Tampon Trouble: Use Vaginal Trainers or Dilators

Well done for getting this far in the series about making using a tampon easier! If you have missed any of the episodes on this channel, start here at the first post and work your way through.

If you are still having troubles, it may be worth changing tack a little. It may be worth trying something other than a tampon in order to achieve the goal of being able to use tampons. What am I talking about? Let me explain.

A tampon is designed to be absorbent. That’s pretty obvious, isn’t it? But this fact may actually be part of the difficulty you have. Tampons are furry. They are usually made of cotton or rayon, or a combination. This causes increased friction. When you try to put the tampon in, it might feel slightly scratchy. It might feel like it’s dragging the skin inside.

Now imagine you had a tampon shaped object that was perfectly smooth. Smooth and flat, like glass or ice. There’s a reason it’s easiest to ice skate on ice, not grass! Smooth, flat surfaces like glass or ice are a lot more slippery and cause less friction.

Now, I’m not suggesting you try to insert an iceblock. But I do have good news. There are these things called dilators, which are tube-shaped objects usually made of very smooth plastic. They are designed exactly for this purpose – to allow the vagina to comfortably expand. They are used for certain medical conditions, including vaginismus. (This is one possible condition you can have when sex hurts, but there are many other reasons as you’ll read here.)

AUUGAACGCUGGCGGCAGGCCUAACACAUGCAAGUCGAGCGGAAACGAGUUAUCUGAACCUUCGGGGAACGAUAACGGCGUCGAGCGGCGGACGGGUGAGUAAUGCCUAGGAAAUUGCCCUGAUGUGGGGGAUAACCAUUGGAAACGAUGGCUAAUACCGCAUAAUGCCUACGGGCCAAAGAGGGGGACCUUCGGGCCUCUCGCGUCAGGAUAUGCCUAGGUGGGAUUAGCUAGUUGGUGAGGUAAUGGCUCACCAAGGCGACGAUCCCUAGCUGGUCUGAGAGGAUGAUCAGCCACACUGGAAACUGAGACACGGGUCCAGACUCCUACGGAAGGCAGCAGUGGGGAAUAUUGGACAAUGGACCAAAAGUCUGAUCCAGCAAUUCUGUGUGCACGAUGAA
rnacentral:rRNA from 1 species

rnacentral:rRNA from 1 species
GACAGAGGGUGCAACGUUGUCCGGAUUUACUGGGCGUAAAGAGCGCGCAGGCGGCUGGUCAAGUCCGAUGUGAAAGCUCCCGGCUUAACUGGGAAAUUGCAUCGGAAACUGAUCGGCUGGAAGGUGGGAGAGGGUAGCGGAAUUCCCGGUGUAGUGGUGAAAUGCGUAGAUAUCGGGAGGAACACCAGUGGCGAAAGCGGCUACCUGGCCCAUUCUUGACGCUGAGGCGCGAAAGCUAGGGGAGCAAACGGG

I see a lot of women who have difficulty inserting a tampon, and we work together on a “dilator program” – gradually learning to insert a dilator with relaxed muscles, and keep the muscles relaxed. Over time, they progress to larger dilators as each one gets easier. Most women find using tampons easy after doing this program.

Vaginal dilators are easy to get online. It’s just usually a case of “too many choices”! A pelvic floor physiotherapist is the best health professional to give you advice on what to choose. You can read more about this in my last post in this series.


  • (07) 3277 0226

  • (07) 3277 0216

  • 12 Edna St,
    Salisbury Queensland 4107

Get the eBook

Subscribe to our Newsletter

Receive the latest news on women’s health straight in your mailbox.